north of Carthage.-110. Dorsam immane; an immense reef:- -Mari summo; at the surface of the sea; an ablative of situation. —-111. Brevia et syrtes; shoals and quicksands; not the so-called “Syrtes” major and minor on the African coast. - Miserabile ; Gr. § 205, R. 8. -Visu, Gr. $ 276, iii.; Z. 8 670.114. Ipsius refers to Aeneas. The in the genitive here is short as in unius, v. 41.- A vertice for desuper; from above ; from the point to which the wave has risen so as to stand vertical to the ship, and to descend perpendicularly, or “right down" stern.--Pontus, equivalent to fluctus ; like our nautical usage of the word “sea ;” as in the expression, “a sea strikes the ship.”- -115. In puppim; comp. in latus, 82.- -Excutitur magister; the helmsman is struck from his seat. The helmsman or pilot of Orontes' ship was Leucaspis. See vi. 334.- -116. Illam; it; the ship, in contrast with the persons on board.
-118. Rari; here and there; it refers particularly to the voyagers themselves seen struggling in the sea here and there, less numerous than the arms, planks, and valuables floating all about per undas.
–121. Qua vectas (est) Abas, (the one) in which Abas sailed. -122. Vicit; has overpowered; either by driving them away at the mercy of winds and waves, or by casting them on rocks and sands. It does not mean destroyed, for all were saved except the ship of Orontes.—–Laxis compagibus; the joints being loosened. Gr. § 257, R. 7; Z. & 645. -Omnes; supply naves.- -123. Imbrem; here for aquam; a poetic usage of the word.--Bimis fatiscunt; start open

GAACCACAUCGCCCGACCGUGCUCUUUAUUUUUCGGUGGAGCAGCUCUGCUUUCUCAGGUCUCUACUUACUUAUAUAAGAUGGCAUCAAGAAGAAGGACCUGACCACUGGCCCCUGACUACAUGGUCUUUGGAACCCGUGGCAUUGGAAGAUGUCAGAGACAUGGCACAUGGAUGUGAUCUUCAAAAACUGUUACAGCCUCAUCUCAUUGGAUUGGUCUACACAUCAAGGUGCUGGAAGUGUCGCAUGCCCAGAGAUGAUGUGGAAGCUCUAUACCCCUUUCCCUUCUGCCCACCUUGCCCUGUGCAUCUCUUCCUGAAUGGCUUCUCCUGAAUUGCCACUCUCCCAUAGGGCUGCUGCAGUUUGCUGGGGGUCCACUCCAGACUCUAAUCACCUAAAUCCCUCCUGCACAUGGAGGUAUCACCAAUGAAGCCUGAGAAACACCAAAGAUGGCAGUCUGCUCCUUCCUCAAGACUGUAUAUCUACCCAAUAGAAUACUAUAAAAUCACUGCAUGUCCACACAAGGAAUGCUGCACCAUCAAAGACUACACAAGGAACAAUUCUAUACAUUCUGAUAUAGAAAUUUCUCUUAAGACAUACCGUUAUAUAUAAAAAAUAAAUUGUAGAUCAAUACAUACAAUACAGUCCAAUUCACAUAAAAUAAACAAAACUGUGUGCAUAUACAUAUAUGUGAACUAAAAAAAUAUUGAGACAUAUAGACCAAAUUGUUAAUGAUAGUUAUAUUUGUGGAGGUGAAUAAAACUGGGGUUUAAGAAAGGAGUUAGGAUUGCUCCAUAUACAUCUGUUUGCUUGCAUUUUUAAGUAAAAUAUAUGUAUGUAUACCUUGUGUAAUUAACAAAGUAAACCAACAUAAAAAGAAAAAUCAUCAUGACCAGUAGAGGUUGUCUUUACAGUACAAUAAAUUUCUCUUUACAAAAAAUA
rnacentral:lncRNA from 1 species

in cracks. 124–156. Neptune hears the storm raging on the surface of the sea, and is indignant that Aeolus has sent the winds to invade his dominion without his authority. He rises in his chariot to the top of the waves, rebukes and disperses the winds, and rescues the Trojan ships.
124. Misceri; to be agitated.- -125. Emissam hiemem; a storm to have been sent forth; namely, from the land, by Aeolus.- -126. Stagna; the waters near the bottom of the sea are not disturbed by ordinary winds; hence they are called here standing, or still waters. These are now throun up, literally, poured back, from the bottom to the surface, by the violent agitation of the whole mass of waters. Translate thus: In the mean time Neptune perceived with deep displeasure that the sea was agitated with a loud uproar, that a storm had been sent forth, and that the deep waters had been thrown up from the very bottom (imis vadis). --Vadis ; the ablative after refusa. Wagner has shown that verbs compounded with re often govern the ablative. Comp. 358, v. 99, ix. 32, x. 330.--Graviter commotas; deeply indignant; not vehementer concitatus, violently agitated, or roused to fury; it is the deep and stern displeasure of a god, conscious of his supreme power, and calmly exercising his authority to restrain or punish, without any external excitement. Hence placidum caprit, in the next verse, is not at all inconsistent with graviter commotus. Cicero shows the distinction between commotus and concitatus in Brut. 55, 202: (Cotta) impellebat animos